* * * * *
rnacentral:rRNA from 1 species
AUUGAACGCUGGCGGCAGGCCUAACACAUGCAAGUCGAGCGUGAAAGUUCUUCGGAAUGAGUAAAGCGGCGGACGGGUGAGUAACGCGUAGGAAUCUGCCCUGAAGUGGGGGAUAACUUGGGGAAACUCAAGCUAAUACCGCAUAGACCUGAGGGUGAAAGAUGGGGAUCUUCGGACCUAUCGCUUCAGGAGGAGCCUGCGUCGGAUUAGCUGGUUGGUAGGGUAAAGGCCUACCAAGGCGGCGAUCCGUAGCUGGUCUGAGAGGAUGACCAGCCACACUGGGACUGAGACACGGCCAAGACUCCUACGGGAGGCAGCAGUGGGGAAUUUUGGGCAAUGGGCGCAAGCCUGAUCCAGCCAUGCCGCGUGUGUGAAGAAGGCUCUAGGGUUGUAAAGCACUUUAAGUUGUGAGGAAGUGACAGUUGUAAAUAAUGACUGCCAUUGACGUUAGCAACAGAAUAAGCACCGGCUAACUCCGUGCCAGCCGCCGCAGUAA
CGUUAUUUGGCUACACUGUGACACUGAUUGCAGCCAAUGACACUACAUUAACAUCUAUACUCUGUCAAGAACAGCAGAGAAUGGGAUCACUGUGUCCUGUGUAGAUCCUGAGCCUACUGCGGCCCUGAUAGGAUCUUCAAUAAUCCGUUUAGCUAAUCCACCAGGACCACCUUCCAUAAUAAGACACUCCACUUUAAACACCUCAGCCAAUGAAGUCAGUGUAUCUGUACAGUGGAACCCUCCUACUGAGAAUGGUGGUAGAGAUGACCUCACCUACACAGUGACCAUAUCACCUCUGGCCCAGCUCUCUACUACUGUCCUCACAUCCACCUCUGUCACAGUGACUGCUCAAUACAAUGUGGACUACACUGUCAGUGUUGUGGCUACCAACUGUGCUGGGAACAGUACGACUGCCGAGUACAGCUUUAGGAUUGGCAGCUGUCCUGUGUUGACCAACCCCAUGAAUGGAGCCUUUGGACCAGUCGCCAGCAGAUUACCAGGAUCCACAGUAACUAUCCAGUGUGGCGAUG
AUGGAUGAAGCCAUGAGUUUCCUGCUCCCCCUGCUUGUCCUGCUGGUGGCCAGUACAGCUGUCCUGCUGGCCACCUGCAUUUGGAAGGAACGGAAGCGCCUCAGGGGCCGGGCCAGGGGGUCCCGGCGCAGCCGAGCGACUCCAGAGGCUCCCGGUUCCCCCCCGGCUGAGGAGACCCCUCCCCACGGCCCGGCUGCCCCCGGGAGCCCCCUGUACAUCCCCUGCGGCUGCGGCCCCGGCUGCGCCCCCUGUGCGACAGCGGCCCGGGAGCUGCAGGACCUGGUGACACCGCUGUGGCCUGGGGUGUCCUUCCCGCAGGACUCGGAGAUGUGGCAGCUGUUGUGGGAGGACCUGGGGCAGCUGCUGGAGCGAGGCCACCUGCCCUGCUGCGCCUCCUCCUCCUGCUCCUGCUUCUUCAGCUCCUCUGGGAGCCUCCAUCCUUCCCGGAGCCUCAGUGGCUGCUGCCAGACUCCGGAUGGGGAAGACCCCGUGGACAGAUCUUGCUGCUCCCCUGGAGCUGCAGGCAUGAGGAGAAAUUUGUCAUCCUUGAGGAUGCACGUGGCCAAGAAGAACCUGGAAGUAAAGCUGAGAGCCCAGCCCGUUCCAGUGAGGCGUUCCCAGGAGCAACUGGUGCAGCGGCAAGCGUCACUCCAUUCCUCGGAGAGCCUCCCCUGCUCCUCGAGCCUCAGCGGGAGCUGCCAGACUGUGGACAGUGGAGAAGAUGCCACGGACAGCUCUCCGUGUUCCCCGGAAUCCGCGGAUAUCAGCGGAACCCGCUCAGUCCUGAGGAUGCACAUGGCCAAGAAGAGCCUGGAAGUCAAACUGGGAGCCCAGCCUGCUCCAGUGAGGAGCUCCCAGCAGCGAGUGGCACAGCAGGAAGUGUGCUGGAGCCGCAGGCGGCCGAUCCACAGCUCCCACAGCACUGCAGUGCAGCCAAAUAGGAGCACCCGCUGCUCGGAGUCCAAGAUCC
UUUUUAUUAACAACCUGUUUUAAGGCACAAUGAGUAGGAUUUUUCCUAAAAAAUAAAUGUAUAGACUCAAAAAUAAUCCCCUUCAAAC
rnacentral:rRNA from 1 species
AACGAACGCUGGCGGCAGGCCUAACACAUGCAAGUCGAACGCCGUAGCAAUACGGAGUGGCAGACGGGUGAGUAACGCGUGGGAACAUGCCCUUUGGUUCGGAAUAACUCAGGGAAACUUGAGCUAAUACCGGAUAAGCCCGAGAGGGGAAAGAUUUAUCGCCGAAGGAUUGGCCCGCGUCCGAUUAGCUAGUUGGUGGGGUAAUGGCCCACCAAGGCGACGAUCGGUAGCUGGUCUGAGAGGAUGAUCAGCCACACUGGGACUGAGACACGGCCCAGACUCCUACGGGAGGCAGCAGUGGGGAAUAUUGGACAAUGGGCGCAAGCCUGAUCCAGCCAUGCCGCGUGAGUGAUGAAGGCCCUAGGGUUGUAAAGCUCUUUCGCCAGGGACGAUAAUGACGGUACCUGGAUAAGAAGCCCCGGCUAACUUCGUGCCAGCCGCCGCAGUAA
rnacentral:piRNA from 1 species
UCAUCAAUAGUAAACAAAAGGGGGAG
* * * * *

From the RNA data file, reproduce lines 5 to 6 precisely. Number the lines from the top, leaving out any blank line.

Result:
UUUUUAUUAACAACCUGUUUUAAGGCACAAUGAGUAGGAUUUUUCCUAAAAAAUAAAUGUAUAGACUCAAAAAUAAUCCCCUUCAAAC
rnacentral:rRNA from 1 species